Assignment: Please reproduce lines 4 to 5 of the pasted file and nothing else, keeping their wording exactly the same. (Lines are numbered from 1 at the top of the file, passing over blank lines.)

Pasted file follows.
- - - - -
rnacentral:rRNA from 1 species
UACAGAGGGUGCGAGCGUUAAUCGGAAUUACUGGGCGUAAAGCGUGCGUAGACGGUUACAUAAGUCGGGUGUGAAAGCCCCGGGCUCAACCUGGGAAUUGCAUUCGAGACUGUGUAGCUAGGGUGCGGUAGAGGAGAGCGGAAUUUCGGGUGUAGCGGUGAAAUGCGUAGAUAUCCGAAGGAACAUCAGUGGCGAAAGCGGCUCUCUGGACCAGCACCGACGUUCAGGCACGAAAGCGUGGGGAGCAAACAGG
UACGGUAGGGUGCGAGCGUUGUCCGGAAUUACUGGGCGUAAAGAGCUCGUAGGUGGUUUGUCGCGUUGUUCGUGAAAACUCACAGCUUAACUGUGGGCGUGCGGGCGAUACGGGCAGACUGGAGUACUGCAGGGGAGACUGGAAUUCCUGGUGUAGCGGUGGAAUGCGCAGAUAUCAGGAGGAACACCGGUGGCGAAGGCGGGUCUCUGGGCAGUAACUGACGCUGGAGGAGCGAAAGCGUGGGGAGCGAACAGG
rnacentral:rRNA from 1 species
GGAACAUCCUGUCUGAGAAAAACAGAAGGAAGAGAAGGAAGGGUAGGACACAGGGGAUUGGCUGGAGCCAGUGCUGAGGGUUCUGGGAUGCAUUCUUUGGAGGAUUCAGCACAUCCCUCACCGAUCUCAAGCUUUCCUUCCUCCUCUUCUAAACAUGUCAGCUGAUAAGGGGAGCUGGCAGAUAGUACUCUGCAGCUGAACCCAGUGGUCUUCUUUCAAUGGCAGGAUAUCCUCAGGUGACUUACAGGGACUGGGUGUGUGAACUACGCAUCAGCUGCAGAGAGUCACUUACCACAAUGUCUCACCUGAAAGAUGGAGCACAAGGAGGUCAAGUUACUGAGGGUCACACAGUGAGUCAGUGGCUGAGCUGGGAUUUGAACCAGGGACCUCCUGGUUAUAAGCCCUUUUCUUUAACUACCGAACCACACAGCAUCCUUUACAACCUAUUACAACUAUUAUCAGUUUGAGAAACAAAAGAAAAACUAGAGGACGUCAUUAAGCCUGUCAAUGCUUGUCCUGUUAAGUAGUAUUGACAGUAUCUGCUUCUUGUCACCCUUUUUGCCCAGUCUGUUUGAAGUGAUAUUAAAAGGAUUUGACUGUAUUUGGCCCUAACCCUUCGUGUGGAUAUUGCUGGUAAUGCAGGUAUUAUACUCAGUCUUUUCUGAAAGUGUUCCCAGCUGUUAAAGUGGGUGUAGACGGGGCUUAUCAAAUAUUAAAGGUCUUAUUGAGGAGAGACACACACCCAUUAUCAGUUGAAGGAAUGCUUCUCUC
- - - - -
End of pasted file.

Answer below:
rnacentral:rRNA from 1 species
GGAACAUCCUGUCUGAGAAAAACAGAAGGAAGAGAAGGAAGGGUAGGACACAGGGGAUUGGCUGGAGCCAGUGCUGAGGGUUCUGGGAUGCAUUCUUUGGAGGAUUCAGCACAUCCCUCACCGAUCUCAAGCUUUCCUUCCUCCUCUUCUAAACAUGUCAGCUGAUAAGGGGAGCUGGCAGAUAGUACUCUGCAGCUGAACCCAGUGGUCUUCUUUCAAUGGCAGGAUAUCCUCAGGUGACUUACAGGGACUGGGUGUGUGAACUACGCAUCAGCUGCAGAGAGUCACUUACCACAAUGUCUCACCUGAAAGAUGGAGCACAAGGAGGUCAAGUUACUGAGGGUCACACAGUGAGUCAGUGGCUGAGCUGGGAUUUGAACCAGGGACCUCCUGGUUAUAAGCCCUUUUCUUUAACUACCGAACCACACAGCAUCCUUUACAACCUAUUACAACUAUUAUCAGUUUGAGAAACAAAAGAAAAACUAGAGGACGUCAUUAAGCCUGUCAAUGCUUGUCCUGUUAAGUAGUAUUGACAGUAUCUGCUUCUUGUCACCCUUUUUGCCCAGUCUGUUUGAAGUGAUAUUAAAAGGAUUUGACUGUAUUUGGCCCUAACCCUUCGUGUGGAUAUUGCUGGUAAUGCAGGUAUUAUACUCAGUCUUUUCUGAAAGUGUUCCCAGCUGUUAAAGUGGGUGUAGACGGGGCUUAUCAAAUAUUAAAGGUCUUAUUGAGGAGAGACACACACCCAUUAUCAGUUGAAGGAAUGCUUCUCUC